Security is taken very seriously at the Carnahan Courthouse. Sheriff James Murphy says it's not uncommon for people to try to smuggle weapons inside the courthouse. To prove the point he sorted through a box full of confiscated items, including a knife disguised as a comb.
"The judges, not very often, but they do get threats from people," Murphy said.
That's why Sheriff Murphy consented to a pilot program testing new facial recognition technology at the courthouse he supervises. St. Louis Police Major Joe Spiess and other current and former police officers, created the company that developed the new system which could be used at schools, workplaces, or retail stores.
"The beta process is getting the bugs out, testing the system as hard as we can, and making sure that it's accurate and fast and reliable," Spiess said.
The facial recognition cameras at the courthouse compare images of visitors to specific photos stored in the facial recognition system. If someone threatened a judge or a prosecutor, they could alert the officers running the technology about a security risk. A photo of the person making the threat could be added to the computer. If that person showed up at the courthouse, a warning signal would show up on the screen, followed by warnings sent to the cellphones of law enforcement or people who need to avoid danger.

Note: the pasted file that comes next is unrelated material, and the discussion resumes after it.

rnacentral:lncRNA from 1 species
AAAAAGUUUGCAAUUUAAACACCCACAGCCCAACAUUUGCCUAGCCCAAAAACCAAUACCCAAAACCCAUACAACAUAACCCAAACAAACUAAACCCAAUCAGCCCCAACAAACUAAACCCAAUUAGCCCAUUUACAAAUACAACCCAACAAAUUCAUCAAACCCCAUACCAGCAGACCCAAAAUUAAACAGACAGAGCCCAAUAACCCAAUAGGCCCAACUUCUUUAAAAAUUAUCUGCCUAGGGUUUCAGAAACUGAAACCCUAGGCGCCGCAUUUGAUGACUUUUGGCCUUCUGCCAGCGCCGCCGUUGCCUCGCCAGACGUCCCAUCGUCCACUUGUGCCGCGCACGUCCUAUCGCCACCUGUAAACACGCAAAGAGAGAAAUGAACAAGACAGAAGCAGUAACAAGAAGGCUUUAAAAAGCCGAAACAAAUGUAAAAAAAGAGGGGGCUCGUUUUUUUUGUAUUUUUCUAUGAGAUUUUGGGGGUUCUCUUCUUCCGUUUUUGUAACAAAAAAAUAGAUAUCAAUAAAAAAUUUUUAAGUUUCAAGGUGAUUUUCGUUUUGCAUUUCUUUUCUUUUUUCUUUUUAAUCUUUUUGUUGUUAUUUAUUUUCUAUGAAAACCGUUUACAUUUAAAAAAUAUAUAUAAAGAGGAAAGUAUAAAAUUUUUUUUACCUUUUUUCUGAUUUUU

"That early notification system on the person's iPhone gives them the chance to either run or hide or react appropriately when they need to," Spiess said.
"The system is really exciting because it gives you an opportunity to look at the prevention side of this so that law-enforcement, security or managers in the store can prevent ,instead of just respond."
Spiess said the beta test will continue for another 3 to 4 months. When asked about personal privacy concerns, Major Spiess said the only facial images that are kept are the ones the computer system is looking for from people who pose a threat.